God gives you the ability to regain the power through surrendering to His command of forgiving. Some see it as weakness, and that’s an unfortunate mistake.
Forgiving is about power and control you can exercise over your life. No matter how hopeless or lost you may feel, forgiving those who hurt you gives you strength through Christ.
God is very clear that He will forgive you and bless you once you’ve released yourself from the sin committed against you by another person.
You don’t even have to say it to the offender. You must, however, speak the words aloud. Go into your private prayer closet, or take a drive around the block, but God wants to hear your words of forgiveness.
Don’t worry that your spirit isn’t in agreement with your words. It’s the first step on your path to true freedom. Hurt must be brought into the light for healing to occur. As you continue to speak the words of forgiveness, God will ease your burden and heal your hurt.
Then shall vengence be His for the taking. Yeah, that made me smile a little too.
This began by admitting I’ve not grieved for my dad’s passing. I know why I’ve not been blessed with the process of moving from pain and into the light of appreciation for God receiving my dad into his heavenly home.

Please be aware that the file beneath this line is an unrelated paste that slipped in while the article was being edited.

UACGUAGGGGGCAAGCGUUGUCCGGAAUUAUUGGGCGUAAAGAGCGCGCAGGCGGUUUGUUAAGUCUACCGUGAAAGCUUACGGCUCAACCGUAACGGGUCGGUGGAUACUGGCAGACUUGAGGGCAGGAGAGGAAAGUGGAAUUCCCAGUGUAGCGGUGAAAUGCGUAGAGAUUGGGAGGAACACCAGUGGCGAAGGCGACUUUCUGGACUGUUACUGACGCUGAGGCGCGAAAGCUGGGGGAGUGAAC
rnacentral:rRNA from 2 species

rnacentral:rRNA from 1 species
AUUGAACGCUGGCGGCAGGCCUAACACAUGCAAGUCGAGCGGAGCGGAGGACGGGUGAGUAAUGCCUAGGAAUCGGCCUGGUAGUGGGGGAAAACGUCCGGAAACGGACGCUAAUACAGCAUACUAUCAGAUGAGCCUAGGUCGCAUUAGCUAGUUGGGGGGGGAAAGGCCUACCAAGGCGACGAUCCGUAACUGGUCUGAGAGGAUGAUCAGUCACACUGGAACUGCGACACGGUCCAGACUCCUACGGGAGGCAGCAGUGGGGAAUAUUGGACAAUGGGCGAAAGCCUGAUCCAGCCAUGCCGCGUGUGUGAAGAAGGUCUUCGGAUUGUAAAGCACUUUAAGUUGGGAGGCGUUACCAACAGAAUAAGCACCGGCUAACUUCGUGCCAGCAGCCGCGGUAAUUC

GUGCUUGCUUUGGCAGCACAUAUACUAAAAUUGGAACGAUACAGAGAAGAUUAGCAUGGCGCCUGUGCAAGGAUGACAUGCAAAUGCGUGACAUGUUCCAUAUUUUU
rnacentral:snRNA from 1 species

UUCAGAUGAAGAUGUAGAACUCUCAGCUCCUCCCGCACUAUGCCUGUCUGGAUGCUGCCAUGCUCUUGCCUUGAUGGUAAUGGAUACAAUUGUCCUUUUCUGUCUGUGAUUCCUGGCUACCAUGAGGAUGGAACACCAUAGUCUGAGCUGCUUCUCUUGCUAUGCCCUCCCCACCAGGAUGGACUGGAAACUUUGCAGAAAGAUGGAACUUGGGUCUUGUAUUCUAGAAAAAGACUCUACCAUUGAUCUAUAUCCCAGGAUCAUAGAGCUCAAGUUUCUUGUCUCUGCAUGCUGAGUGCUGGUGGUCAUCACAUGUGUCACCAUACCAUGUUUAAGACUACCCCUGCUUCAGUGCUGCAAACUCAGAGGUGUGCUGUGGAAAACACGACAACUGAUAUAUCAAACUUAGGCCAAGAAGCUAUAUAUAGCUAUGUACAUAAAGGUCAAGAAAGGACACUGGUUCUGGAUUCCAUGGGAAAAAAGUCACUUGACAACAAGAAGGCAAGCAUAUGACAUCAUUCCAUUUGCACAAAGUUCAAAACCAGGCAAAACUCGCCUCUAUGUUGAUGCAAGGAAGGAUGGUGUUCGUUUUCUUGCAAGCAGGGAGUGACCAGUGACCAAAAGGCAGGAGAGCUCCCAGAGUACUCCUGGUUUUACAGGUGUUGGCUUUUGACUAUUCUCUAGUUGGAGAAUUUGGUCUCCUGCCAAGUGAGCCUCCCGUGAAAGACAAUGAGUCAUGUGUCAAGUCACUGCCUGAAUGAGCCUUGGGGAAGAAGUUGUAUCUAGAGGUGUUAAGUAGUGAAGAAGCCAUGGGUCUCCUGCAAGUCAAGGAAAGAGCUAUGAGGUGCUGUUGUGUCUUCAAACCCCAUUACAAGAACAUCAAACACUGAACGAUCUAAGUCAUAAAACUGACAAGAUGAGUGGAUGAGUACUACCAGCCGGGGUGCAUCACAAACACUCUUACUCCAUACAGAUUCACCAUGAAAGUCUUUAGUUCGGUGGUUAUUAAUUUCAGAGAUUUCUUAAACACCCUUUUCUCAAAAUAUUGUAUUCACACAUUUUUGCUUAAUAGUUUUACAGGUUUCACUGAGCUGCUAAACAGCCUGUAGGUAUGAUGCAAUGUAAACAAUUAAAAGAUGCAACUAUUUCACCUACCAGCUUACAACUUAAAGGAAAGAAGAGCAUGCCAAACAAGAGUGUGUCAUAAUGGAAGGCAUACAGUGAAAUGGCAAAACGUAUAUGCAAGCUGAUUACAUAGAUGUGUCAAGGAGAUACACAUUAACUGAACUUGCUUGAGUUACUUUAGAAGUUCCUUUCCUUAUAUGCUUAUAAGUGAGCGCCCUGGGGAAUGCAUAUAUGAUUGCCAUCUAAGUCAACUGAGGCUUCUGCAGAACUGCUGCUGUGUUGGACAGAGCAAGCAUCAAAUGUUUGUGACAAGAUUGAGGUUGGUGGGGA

I’ve prayed about it and discussed it with Leah, but I cannot bring myself into a position to forgive them. Maybe it’s because the legal process continues, as does settling the estate. I feel God’s nudge that the process will continue to remain contentious as long as I harbor the ill will toward the saboteurs.
I’ve been praying for God to loosen my stranglehold on the resentment against them for dishonoring our parents, and destroying what hope for family there was. But the truth is, through pruning I’ve gained a peace and new growth, but I also understand that eliminating darkness from the door doesn’t mean the sun is shining.
This week I begin to press the process of speaking the words, “I forgive insert names.”
I have no expectations on how long or how often it will take before I know the freedom from the sin of refusing to forgive and the blessing for surrendering my pain to Christ for His restoration.
I’d appreciate your prayers.
I do pray for spiritual healing and restoration by September 14, 2017 which is the day my dad passed away, but I also understand the timing is completely in His hands.
I also pray that if you’re locked into a season of hurt and unforgiveness that you will also speak the words out loud. I know God is anxious to hear them.
So, my journey begins, to reclaim what what stolen from me by my family – my right to grieve and my responsibility to forgive.
I Am 2nd,